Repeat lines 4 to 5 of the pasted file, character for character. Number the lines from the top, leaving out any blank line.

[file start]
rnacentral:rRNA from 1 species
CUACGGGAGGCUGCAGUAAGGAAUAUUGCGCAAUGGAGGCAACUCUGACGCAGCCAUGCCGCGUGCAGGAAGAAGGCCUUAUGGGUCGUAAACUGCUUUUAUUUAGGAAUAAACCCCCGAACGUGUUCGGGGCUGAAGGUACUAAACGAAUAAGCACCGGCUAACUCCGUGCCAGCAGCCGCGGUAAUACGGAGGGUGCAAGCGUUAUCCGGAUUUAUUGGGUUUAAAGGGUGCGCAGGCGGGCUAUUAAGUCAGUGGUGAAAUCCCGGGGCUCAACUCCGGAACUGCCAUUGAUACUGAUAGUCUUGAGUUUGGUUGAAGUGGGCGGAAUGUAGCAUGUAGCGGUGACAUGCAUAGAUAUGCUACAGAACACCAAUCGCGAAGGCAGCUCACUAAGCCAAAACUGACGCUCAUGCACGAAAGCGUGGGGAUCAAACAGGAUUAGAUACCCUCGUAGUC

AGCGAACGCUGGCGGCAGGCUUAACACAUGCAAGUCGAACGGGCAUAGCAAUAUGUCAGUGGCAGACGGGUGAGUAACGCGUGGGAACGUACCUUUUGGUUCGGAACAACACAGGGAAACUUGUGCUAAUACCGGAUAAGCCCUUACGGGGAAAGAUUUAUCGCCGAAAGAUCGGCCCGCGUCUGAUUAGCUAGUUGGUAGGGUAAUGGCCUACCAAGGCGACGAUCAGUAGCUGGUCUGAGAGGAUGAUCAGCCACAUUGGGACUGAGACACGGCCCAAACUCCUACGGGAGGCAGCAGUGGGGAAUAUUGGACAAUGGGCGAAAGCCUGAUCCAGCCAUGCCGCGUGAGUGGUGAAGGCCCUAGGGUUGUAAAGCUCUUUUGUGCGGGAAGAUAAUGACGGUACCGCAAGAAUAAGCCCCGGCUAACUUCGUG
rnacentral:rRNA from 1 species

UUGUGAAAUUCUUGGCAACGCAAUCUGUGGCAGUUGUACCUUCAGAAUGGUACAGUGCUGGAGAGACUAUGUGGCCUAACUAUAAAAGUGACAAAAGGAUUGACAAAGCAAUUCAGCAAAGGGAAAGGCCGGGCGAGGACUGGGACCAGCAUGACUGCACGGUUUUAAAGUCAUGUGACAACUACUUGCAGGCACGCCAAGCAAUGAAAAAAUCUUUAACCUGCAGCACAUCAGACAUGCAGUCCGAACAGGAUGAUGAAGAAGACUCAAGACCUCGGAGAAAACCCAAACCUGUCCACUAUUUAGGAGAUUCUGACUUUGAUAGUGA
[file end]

rnacentral:rRNA from 1 species

UUGUGAAAUUCUUGGCAACGCAAUCUGUGGCAGUUGUACCUUCAGAAUGGUACAGUGCUGGAGAGACUAUGUGGCCUAACUAUAAAAGUGACAAAAGGAUUGACAAAGCAAUUCAGCAAAGGGAAAGGCCGGGCGAGGACUGGGACCAGCAUGACUGCACGGUUUUAAAGUCAUGUGACAACUACUUGCAGGCACGCCAAGCAAUGAAAAAAUCUUUAACCUGCAGCACAUCAGACAUGCAGUCCGAACAGGAUGAUGAAGAAGACUCAAGACCUCGGAGAAAACCCAAACCUGUCCACUAUUUAGGAGAUUCUGACUUUGAUAGUGA